Yeah, soda companies employ no one. The Wizard of Oz makes it.

Mad Tony
19-09-09, 14:47
But no politician is going to tell you to get off your A$$ as go outside once and a while. It's easier to blame something you can get some money out of.Totally agree. :tmb:

Eddie Haskell
19-09-09, 15:00
We already have that here in Chicago. I don't drink it anymore, so it doesn't effect me. It is a damn good tax to produce revenue, and as a user tax it is the best kind (if there really is such a thing... :) )

But this is a typical government response. Rather than point to the CAUSE, we're going to tax a symptom that won't solve the problem, but make us look like we are.

When I was a kid, there were not a lot of fat kids. I can't remember ONE kid in elementary school. That was the sixties. What's changed since then? Hmmm. . .well, it can't be soda. There's was no diet soda until high school when Tab came out. There was no "low fat" anything. Heck, my mom fried almost everything we ate, being the Texans that we were. No, I don't think food is the big problem.

The biggest change is screen time. There was no 24 hours TV for kids. We had 2 hours after school and Saturday morning. That was it. Beyond that, we were outside playing. We walked or rode our bikes to our friends' houses and school. We didn't get chauffered every where. We certainly didn't video games and computers providing some weird electronic socialization.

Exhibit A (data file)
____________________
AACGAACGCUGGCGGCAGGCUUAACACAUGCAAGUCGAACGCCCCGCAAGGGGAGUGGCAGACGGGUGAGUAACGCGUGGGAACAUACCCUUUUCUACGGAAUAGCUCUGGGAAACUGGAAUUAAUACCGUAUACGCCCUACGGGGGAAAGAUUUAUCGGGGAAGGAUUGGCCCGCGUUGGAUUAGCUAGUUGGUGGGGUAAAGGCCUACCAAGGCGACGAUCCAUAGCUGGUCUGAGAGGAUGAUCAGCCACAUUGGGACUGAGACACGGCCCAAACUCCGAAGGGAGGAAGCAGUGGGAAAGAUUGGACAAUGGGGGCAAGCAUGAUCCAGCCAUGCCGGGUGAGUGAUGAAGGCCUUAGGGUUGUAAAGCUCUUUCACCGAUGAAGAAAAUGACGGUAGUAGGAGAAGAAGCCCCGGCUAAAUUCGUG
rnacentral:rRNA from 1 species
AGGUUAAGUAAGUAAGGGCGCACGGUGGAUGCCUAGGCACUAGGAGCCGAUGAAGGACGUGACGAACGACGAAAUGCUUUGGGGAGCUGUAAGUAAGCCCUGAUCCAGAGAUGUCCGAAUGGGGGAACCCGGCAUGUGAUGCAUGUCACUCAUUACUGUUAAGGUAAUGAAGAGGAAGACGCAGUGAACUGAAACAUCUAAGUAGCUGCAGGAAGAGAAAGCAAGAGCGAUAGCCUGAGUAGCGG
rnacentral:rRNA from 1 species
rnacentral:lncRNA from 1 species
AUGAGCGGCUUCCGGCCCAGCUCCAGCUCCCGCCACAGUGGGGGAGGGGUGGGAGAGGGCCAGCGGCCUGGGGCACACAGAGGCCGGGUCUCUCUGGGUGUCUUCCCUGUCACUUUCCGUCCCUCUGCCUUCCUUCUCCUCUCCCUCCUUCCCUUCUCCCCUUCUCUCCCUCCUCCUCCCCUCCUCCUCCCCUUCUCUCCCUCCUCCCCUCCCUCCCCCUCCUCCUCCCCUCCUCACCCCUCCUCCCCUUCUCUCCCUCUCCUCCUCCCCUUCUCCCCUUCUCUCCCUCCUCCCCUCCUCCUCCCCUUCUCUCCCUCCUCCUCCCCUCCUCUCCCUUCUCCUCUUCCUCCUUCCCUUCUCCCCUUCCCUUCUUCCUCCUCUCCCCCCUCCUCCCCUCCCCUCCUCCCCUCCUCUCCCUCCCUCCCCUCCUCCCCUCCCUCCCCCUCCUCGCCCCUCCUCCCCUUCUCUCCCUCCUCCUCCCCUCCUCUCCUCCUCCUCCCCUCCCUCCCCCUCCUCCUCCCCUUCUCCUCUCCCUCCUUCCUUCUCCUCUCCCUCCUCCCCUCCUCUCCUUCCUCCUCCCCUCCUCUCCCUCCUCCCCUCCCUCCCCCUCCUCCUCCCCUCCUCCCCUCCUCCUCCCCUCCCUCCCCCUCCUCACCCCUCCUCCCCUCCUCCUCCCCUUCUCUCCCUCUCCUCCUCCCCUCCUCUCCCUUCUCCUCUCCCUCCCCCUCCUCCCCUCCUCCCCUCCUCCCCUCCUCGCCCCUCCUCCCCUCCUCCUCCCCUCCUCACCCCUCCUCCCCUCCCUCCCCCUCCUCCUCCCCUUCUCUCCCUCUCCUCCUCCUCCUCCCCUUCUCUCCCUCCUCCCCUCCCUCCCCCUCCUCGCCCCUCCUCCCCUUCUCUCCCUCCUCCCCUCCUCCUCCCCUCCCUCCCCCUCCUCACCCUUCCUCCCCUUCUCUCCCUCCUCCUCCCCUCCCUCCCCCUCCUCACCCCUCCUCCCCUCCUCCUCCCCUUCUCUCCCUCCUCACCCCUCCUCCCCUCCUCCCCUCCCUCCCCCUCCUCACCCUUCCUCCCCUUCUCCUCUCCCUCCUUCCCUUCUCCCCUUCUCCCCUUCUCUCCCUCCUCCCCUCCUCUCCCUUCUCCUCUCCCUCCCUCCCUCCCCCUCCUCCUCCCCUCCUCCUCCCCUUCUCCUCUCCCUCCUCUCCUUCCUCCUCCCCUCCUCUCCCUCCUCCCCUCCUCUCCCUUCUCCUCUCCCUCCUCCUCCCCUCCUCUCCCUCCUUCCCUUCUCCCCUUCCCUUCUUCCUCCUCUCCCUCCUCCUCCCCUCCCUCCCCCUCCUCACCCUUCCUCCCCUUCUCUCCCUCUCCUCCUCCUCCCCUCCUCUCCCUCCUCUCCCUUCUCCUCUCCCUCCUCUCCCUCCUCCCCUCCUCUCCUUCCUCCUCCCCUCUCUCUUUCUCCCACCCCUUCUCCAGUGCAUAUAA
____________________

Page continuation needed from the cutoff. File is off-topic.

But no politician is going to tell you to get off your A$$ as go outside once and a while. It's easier to blame something you can get some money out of.

You tell 'em. I was never in the house a kid, I spent all day outside playing sports and other outdoors activities. In fact, nearly everyone did. In my eighth grade class of 100 kids there were only about 3 fat kids...what does that say for how different it is today?

SamReeves
19-09-09, 15:27
I was being sarcastic.

What's so bad about sodas? They provide thousands of jobs and give millions of people something tasty to drink. It's not the fault of soda that there are fat people. I really don't see how taxing or even banning something like soda is going to have a good outcome.

It's nanny state, which is ultimately ridiculous. Have any soda opposers here ever cleared the brush, weeds, mowed the lawn, and trimmed your trees on a Saturday? What do you want after working hard like that? A Coke of course. It leads me to believe some of you anti-soda zealots hire a gardner to do your work for you. Therefore if you sit on your ass all day, yes you'll get fat from soda. Don't force your anti-soda legislation down all our throats. It serves no purpose other than your own!